frozen, by Michelle Kopp

While Samhain is a celebration of life, death and re-birth, it is also described by some as a ‘day out of time’, when the universe melds back to primordial chaos before being re-birthed with new order.   Two of these poems – frozen and [the forthcoming] Desolated Summerland — were written during a time when I — as well as my spirituality — were undergoing a parallel transformation: a complete reconstruction of everything I thought I had knew about my identities.  The third [forthcoming] piece – beyond the veil – was written most recently following the death of one of my amphibian darlings.

Both frozen and Desolated Summerland focus on the impact of tragedies, and are explorations on death and rebirth, as well as how two people deal with loss and sorrow as the veils between the worlds becomes thinner on this spirit night.  In frozen, a strong sense of death preoccupies the woman’s mind and she sacrifices part of herself in a ritualised ‘letting go’ and remembrance of a lover.

frozen

silver bullets pierce the moon
crimson skies flood the earth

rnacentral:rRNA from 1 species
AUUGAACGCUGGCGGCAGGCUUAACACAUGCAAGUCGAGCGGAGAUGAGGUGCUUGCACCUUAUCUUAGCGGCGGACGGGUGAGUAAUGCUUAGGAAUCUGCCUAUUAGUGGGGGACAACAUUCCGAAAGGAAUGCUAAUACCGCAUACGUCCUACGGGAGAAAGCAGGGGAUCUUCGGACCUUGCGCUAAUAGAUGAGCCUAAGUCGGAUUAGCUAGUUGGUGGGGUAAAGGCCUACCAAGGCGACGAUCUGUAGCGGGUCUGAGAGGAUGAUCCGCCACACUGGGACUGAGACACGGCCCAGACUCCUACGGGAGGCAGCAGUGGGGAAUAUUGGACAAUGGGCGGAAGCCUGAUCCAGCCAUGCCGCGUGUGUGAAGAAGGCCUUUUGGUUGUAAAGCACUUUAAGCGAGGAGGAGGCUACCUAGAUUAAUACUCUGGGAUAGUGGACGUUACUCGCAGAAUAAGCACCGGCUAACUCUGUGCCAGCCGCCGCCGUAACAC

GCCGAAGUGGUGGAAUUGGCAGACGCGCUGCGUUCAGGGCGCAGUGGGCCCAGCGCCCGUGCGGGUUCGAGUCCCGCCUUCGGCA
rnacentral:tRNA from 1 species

infected death rapes her lover
and she kisses her one last time
over painted eyes and charcoal lips

she whispers her requiem as
the scythe echoes in Hades eyes
caught between shattered darkness

sweet songs from crows
lullaby her children into reveries
of bleeding life

Michelle Kopp

is an overworked graduate student and part-time writer in Saskatchewan, Canada.  She resides with a collection of zoo animals and the memories of loved ones gone.  She’s currently practising a type of Reconstructionism, which is not really reconstructionism-by-definition.  Her work has recently appeared in The Diverse Arts Project and Yesteryear Fiction, and has pieces forthcoming in Two Hawks Quarterly and Leaves of Ink.

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